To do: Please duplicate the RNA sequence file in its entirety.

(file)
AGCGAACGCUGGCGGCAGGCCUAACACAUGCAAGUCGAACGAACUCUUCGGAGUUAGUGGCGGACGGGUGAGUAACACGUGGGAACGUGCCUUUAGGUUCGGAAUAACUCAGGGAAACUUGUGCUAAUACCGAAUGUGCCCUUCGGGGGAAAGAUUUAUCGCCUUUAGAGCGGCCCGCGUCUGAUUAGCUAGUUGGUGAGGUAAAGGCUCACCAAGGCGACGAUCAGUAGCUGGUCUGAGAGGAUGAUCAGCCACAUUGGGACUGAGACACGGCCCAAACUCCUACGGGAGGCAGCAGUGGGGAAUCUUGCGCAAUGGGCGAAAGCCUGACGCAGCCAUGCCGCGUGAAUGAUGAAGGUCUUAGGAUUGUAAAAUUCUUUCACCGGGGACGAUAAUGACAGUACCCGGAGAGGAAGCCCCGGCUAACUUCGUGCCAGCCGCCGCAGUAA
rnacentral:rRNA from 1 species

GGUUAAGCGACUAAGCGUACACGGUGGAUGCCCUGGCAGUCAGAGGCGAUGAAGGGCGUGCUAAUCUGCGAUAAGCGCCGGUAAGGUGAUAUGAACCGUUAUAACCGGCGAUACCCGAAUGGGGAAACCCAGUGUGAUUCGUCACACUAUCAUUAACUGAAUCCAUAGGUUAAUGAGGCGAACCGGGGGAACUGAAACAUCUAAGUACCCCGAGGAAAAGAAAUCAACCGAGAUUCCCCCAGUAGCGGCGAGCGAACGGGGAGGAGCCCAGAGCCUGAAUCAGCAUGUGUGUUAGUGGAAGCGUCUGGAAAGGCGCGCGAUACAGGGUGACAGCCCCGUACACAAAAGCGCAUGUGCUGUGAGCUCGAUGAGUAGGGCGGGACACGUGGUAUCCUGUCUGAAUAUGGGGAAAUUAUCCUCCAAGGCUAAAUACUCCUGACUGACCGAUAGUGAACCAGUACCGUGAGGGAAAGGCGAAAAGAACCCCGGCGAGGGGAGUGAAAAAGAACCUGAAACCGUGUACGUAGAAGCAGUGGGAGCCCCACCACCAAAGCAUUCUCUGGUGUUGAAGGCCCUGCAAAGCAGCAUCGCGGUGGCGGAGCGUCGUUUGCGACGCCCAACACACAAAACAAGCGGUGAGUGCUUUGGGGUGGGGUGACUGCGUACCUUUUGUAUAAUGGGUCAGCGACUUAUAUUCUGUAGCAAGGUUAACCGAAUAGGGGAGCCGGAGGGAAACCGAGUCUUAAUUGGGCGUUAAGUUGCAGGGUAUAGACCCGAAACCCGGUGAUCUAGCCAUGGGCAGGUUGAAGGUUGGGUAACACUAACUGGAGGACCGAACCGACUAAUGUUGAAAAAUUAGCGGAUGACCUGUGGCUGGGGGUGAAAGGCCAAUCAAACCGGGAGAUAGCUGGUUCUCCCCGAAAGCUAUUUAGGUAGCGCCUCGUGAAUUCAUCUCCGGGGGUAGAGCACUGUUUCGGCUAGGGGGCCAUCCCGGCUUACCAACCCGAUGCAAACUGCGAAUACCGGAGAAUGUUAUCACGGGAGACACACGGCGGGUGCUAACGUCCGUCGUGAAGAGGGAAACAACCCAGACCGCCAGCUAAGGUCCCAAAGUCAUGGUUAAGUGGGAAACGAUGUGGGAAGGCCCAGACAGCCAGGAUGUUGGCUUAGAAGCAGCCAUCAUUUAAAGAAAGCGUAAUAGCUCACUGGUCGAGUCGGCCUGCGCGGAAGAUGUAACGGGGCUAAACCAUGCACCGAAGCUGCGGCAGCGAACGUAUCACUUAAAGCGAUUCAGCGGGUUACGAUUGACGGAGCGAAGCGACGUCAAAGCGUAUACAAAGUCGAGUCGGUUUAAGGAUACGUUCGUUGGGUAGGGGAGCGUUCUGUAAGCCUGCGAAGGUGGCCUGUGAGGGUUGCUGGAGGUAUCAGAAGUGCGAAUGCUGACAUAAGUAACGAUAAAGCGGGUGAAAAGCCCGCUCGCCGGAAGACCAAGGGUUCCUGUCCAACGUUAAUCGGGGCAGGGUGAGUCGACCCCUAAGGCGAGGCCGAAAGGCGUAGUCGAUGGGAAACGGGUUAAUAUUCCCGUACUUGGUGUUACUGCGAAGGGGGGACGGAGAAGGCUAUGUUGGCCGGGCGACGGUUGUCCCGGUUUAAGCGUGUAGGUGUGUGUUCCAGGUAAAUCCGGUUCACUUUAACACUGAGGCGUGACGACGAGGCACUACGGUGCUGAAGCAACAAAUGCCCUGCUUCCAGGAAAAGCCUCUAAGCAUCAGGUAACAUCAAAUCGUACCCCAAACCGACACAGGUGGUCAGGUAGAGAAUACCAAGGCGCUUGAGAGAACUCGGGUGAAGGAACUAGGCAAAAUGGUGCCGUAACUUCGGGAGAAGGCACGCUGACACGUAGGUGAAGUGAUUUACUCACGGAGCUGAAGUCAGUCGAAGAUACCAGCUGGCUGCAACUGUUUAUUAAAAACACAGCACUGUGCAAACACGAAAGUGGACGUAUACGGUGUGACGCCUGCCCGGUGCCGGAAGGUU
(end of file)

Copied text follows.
AGCGAACGCUGGCGGCAGGCCUAACACAUGCAAGUCGAACGAACUCUUCGGAGUUAGUGGCGGACGGGUGAGUAACACGUGGGAACGUGCCUUUAGGUUCGGAAUAACUCAGGGAAACUUGUGCUAAUACCGAAUGUGCCCUUCGGGGGAAAGAUUUAUCGCCUUUAGAGCGGCCCGCGUCUGAUUAGCUAGUUGGUGAGGUAAAGGCUCACCAAGGCGACGAUCAGUAGCUGGUCUGAGAGGAUGAUCAGCCACAUUGGGACUGAGACACGGCCCAAACUCCUACGGGAGGCAGCAGUGGGGAAUCUUGCGCAAUGGGCGAAAGCCUGACGCAGCCAUGCCGCGUGAAUGAUGAAGGUCUUAGGAUUGUAAAAUUCUUUCACCGGGGACGAUAAUGACAGUACCCGGAGAGGAAGCCCCGGCUAACUUCGUGCCAGCCGCCGCAGUAA
rnacentral:rRNA from 1 species

GGUUAAGCGACUAAGCGUACACGGUGGAUGCCCUGGCAGUCAGAGGCGAUGAAGGGCGUGCUAAUCUGCGAUAAGCGCCGGUAAGGUGAUAUGAACCGUUAUAACCGGCGAUACCCGAAUGGGGAAACCCAGUGUGAUUCGUCACACUAUCAUUAACUGAAUCCAUAGGUUAAUGAGGCGAACCGGGGGAACUGAAACAUCUAAGUACCCCGAGGAAAAGAAAUCAACCGAGAUUCCCCCAGUAGCGGCGAGCGAACGGGGAGGAGCCCAGAGCCUGAAUCAGCAUGUGUGUUAGUGGAAGCGUCUGGAAAGGCGCGCGAUACAGGGUGACAGCCCCGUACACAAAAGCGCAUGUGCUGUGAGCUCGAUGAGUAGGGCGGGACACGUGGUAUCCUGUCUGAAUAUGGGGAAAUUAUCCUCCAAGGCUAAAUACUCCUGACUGACCGAUAGUGAACCAGUACCGUGAGGGAAAGGCGAAAAGAACCCCGGCGAGGGGAGUGAAAAAGAACCUGAAACCGUGUACGUAGAAGCAGUGGGAGCCCCACCACCAAAGCAUUCUCUGGUGUUGAAGGCCCUGCAAAGCAGCAUCGCGGUGGCGGAGCGUCGUUUGCGACGCCCAACACACAAAACAAGCGGUGAGUGCUUUGGGGUGGGGUGACUGCGUACCUUUUGUAUAAUGGGUCAGCGACUUAUAUUCUGUAGCAAGGUUAACCGAAUAGGGGAGCCGGAGGGAAACCGAGUCUUAAUUGGGCGUUAAGUUGCAGGGUAUAGACCCGAAACCCGGUGAUCUAGCCAUGGGCAGGUUGAAGGUUGGGUAACACUAACUGGAGGACCGAACCGACUAAUGUUGAAAAAUUAGCGGAUGACCUGUGGCUGGGGGUGAAAGGCCAAUCAAACCGGGAGAUAGCUGGUUCUCCCCGAAAGCUAUUUAGGUAGCGCCUCGUGAAUUCAUCUCCGGGGGUAGAGCACUGUUUCGGCUAGGGGGCCAUCCCGGCUUACCAACCCGAUGCAAACUGCGAAUACCGGAGAAUGUUAUCACGGGAGACACACGGCGGGUGCUAACGUCCGUCGUGAAGAGGGAAACAACCCAGACCGCCAGCUAAGGUCCCAAAGUCAUGGUUAAGUGGGAAACGAUGUGGGAAGGCCCAGACAGCCAGGAUGUUGGCUUAGAAGCAGCCAUCAUUUAAAGAAAGCGUAAUAGCUCACUGGUCGAGUCGGCCUGCGCGGAAGAUGUAACGGGGCUAAACCAUGCACCGAAGCUGCGGCAGCGAACGUAUCACUUAAAGCGAUUCAGCGGGUUACGAUUGACGGAGCGAAGCGACGUCAAAGCGUAUACAAAGUCGAGUCGGUUUAAGGAUACGUUCGUUGGGUAGGGGAGCGUUCUGUAAGCCUGCGAAGGUGGCCUGUGAGGGUUGCUGGAGGUAUCAGAAGUGCGAAUGCUGACAUAAGUAACGAUAAAGCGGGUGAAAAGCCCGCUCGCCGGAAGACCAAGGGUUCCUGUCCAACGUUAAUCGGGGCAGGGUGAGUCGACCCCUAAGGCGAGGCCGAAAGGCGUAGUCGAUGGGAAACGGGUUAAUAUUCCCGUACUUGGUGUUACUGCGAAGGGGGGACGGAGAAGGCUAUGUUGGCCGGGCGACGGUUGUCCCGGUUUAAGCGUGUAGGUGUGUGUUCCAGGUAAAUCCGGUUCACUUUAACACUGAGGCGUGACGACGAGGCACUACGGUGCUGAAGCAACAAAUGCCCUGCUUCCAGGAAAAGCCUCUAAGCAUCAGGUAACAUCAAAUCGUACCCCAAACCGACACAGGUGGUCAGGUAGAGAAUACCAAGGCGCUUGAGAGAACUCGGGUGAAGGAACUAGGCAAAAUGGUGCCGUAACUUCGGGAGAAGGCACGCUGACACGUAGGUGAAGUGAUUUACUCACGGAGCUGAAGUCAGUCGAAGAUACCAGCUGGCUGCAACUGUUUAUUAAAAACACAGCACUGUGCAAACACGAAAGUGGACGUAUACGGUGUGACGCCUGCCCGGUGCCGGAAGGUU